Still shot of the June 7, 2011 solar flare -- NASA/SDO via PopSci

Here’s a pixillated video of the event in UV at 304 Angstroms — it runs under 30 seconds, but the time covered is about two-and-a-half hours; from SOHO – SDO via TheSunToday.org:

Another view, again UV, but at 171 Angstroms:

Tip of the old scrub brush to PopSci.

Resources:


The Case of the Purple Squirrel

December 22, 2008

Little mysteries pose a lot of fun.

How did this come to be?

Pete the purple squirrel - Telegraph.co.uk.com

Pete the purple squirrel - Telegraph.co.uk.com

Pete, as the squirrel has come to be known, shows up most days at Meoncross School in Stubbington, Hants, England (near Portsmouth, in southeast England).

“We don’t think he is a mutant squirrel but he may have had a mishap around the school, [said Dr Mike Edwards, an English teacher at the school.]

“The old building where we have seen him nipping in and out is a bit of a graveyard for computer printers. He may have found some printer toners in there.

“We haven’t seen any purple baby squirrels yet.”

TV wildlife expert Chris Packham believes Pete will moult and lose his purple fur in time for spring.

He said: “I have never seen anything like it before.

“Squirrels will chew anything even if it’s obviously inedible. It is possible he has been chewing on a purple ink cartridge and then groomed that colouring into his fur.

“Alternatively he may have fallen into a bucket containing a weak colour solution that has stained his fur.

“Underneath there’s a normal grey squirrel who has just given himself an unusual hair colour – you would pay a fortune for that in some salons.

What will creationists make of this?

Squirrels come in different colors naturally, too.  The squirrels common throughout the eastern U.S., the eastern grey squirrel,  have a black variant in some parts of Canada and the U.S.  Some of these black squirrels were imported to Washington, D.C., during the Theodore Roosevelt administration.  When we lived in Cheverly, Maryland (1983-1987), we had families of black squirrels spotted among the grey squirrels in our next-door forest.  The two groups rarely mixed, oddly enough.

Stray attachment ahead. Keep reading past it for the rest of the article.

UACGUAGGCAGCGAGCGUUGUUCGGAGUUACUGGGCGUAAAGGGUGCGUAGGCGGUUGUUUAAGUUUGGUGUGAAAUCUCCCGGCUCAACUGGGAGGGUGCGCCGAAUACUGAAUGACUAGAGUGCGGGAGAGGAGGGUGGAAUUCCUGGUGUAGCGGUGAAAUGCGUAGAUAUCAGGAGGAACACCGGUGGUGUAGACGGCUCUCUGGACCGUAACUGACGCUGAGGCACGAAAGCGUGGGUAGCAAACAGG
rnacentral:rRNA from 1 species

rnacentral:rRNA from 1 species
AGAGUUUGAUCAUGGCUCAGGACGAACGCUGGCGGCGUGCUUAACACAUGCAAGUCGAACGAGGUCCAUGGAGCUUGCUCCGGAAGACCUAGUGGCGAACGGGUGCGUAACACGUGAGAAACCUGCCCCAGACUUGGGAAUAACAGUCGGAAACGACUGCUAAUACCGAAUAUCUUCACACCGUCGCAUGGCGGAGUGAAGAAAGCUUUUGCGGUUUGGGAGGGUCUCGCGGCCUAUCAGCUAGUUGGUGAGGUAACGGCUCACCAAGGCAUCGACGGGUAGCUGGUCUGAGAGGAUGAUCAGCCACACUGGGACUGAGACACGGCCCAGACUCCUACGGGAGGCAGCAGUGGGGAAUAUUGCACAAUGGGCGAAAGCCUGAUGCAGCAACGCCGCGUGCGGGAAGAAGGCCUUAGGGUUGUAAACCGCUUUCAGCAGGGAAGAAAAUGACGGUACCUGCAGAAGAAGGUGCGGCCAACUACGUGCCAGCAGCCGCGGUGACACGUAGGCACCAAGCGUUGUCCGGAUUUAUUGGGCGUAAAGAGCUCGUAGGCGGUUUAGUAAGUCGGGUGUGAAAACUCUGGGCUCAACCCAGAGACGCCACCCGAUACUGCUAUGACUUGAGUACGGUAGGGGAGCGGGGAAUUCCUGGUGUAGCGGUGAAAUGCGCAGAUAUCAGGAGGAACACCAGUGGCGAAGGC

East of the Russell Senate Office Building there was an albino squirrel for several years, prior to 1985.  One friend said she’d seen at least two at the same time in the same park.  White squirrels show up from time to time, either albinos or mutants.  Naturally, squirrels tend to be either grey or reddish-brown, most of the time.

Tip of the old scrub brush to Current.com.

Resources:


What Lucy will see, leaving Houston . . .

June 22, 2008

What Lucy saw will see, leaving Houston . . .

[The exhibit on Lucy, our Australopithecus afarensis ancestor, has been extended at the Houston Museum of Natural Science, through September 1, 2008. Go. Go see the exhibit. Don't put it off.]

Coming out of the display on Lucy at the Houston Museum of Natural Science, coming back down the staircase, this is the painting on the wall. In my imagination, this is what Lucy saw will see as they carried carry her, crated up, out of the building. In reality they probably took will carry her down a freight elevator.

This one’s for you, P.Z. — drop into the Houston museum next time you’re down there:

Whale and Squid mural at Houston MNH